unaffected by the activities of the ad hoc commission. The sources said that this evalua-
tion did not exclude the possibility that known conservative pressures might influence
the text of the declaration in its final procedural stages. A final vote on the declaration
is expected after the Ecumenical Council convenes in September for its fourth and final
session.
The Vatican's Secretariat for Christian Unity, headed by Cardinal Bea, has exclu-
sive jurisdiction over the handling of the Declaration on Church Relations with Non-
Christians, a spokesman for the Bea secretariat declared here.
The statement was an obvious response to dispatches from Rome which reported
that an ad hoc commission of prelates has been planning drastic revisions of the Decla-
ration passed in November by a vote of 1,992 to 99.
The secretariat spokesman said that a full, plenary meeting of the 30 bishops on the
body would be held here May 9, to work out the final version of the Declaration's text on
the basis of amendments proposed during last November's session and since. These
amendments, or "modi," will be reviewed by the 30 prelates. They had already held

discussions on the subject last February, when they decided to postpone final action
until the May 9 meeting.

After decisions are made at the May meeting, the text will be sent on to the
(Continued on Page 14)

'50,000,000 Loan Extended by 11 Life Insurance Firms Erases
Debts to 97 Banks, Aids Jewish Agency's Humanitarian Efforts

(Direct JTA Teletype Wire to The Jewish News)

NEW YORK — Eleven American life
insurance companies signed a loan agree-
ment Tuesday with the Jewish Agency for
Israel, Inc., providing long-term loans total-
ing $50,000,000, with the good faith and
credit of the American Jewish community
as represented by the United Jewish Appeal
as collateral: The ceremonies took place at
10 a.m. in the offices of the Jewish Agency.
The loan is to be repaid in level semi-
annual installments designed to fully amor-
tize this loan in 15 years.
Representatives of each of the 11 com-
panies were on hand for the signing cere-
monies, along with Max M. Fisher, general
chairman of the United Jewish Appeal;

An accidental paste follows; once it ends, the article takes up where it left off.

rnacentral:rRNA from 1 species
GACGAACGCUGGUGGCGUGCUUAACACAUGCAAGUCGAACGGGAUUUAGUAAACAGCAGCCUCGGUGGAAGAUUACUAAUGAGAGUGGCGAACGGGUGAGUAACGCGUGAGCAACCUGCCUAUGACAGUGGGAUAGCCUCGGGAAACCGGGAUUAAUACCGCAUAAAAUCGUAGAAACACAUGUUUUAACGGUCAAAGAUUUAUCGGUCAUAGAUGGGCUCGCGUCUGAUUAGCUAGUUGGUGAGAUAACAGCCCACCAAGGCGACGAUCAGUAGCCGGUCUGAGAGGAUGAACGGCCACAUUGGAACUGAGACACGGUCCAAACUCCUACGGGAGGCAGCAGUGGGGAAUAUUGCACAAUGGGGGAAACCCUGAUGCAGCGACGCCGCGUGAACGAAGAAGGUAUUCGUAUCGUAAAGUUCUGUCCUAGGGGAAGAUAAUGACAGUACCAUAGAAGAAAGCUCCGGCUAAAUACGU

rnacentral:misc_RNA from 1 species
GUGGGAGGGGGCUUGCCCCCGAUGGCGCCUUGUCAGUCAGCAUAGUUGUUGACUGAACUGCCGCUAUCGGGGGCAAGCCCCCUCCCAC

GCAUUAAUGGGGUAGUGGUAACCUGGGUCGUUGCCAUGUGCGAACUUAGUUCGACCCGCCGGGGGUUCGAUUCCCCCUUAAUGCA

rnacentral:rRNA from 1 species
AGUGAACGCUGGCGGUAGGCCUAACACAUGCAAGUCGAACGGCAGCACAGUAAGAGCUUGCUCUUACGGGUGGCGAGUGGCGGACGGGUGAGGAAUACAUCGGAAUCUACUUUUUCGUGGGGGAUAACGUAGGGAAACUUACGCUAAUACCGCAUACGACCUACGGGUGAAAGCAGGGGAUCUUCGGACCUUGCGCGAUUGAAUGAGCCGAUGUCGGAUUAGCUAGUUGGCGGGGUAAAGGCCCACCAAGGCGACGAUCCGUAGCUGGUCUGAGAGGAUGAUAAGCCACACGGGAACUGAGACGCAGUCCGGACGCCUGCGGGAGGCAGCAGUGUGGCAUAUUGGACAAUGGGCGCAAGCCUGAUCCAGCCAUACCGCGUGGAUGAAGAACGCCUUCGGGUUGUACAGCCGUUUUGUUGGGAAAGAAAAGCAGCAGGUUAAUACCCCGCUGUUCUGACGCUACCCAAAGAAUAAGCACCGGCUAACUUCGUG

Dewey D. Stone, chairman of the Jewish
Agency for Israel, Inc.; Gottlieb Hammer,
executive vice chairman of the Agency;
Rabbi Herbert A. Friedman, executive vice

chairman of the United Jewish Appeal; and
Jack D. Weiler of New York, national UJA
chairman representing the American Jew-
ish Joint Distribution Committee.
Fisher indicated that the major share of
the loans—$44,885,166.22—will be used to
liquidate outstanding short-term loans with
97 banks in 39 U. S. communities, including
Detroit. The balance will be used by the
Jewish Agency for its current budgetary
purposes. He pointed out that this will free
84,000,000 per year for the immediate hu-
manitarian work of the Jewish Agency.
The loan was negotiated with the lenders
by Hammer. Simpson Thatcher and Bart-
lett acted as special counsel to the lending,
companies, and the firm of Guzik and Bouk-
stein represented the Jewish Agency.
P. Stokes Gaither, vice president of
New England Mutual Life Insurance Co.
and sookesman for the lenders, commented:

"This loan is remarkable in that it has been
structured upon the established spirit of
philanthropy and the integrity of the Jew-
ish people in America. The guarantor of
the loan is the United Jewish Appeal,
which is just another way of saying that
some of the most respected spokesmen of
the American Jewish community are pledg-
ing that this loan will be honored."
Stressing the importance of the agree-
ment, Dewey Stone said: "The loan will
make it possible for the Jewish Agency for
Israel, Inc., and the United Jewish Appeal
to eliminate the periodic renegotiation of
short-term loans by refunding the obliga-
tions incurred by the American Jewish
community on behalf of the rehabilitation
and resettlement programs in Israel. It
will make a larger share of currently col-
lected funds available for current urgent
needs in Israel.

"By increasing the cash flow for philan-
thropic work in Israel," he continued, "the
loan will provide resources to meet needs
at the time they arise and meet them im-
mediately with constructive solutions. Re-
habilitating a person as soon as possible
generally is cheaper and easier than deal-
ing at a later date with what may by then
have become a multiple problem or hard-
core case."
Commenting on the significance of the
loan, Max Fisher said: "This unprecedented
agreement is a milestone in the history of
Jewish philanthropy and probably in the
history of all philanthropy. Its uniqueness
can be focused in proper perspective when
you consider that this sizeable amount of
money reflects on the financial and moral
credit of the American Jewish community
in terms of their record of philanthropic
giving."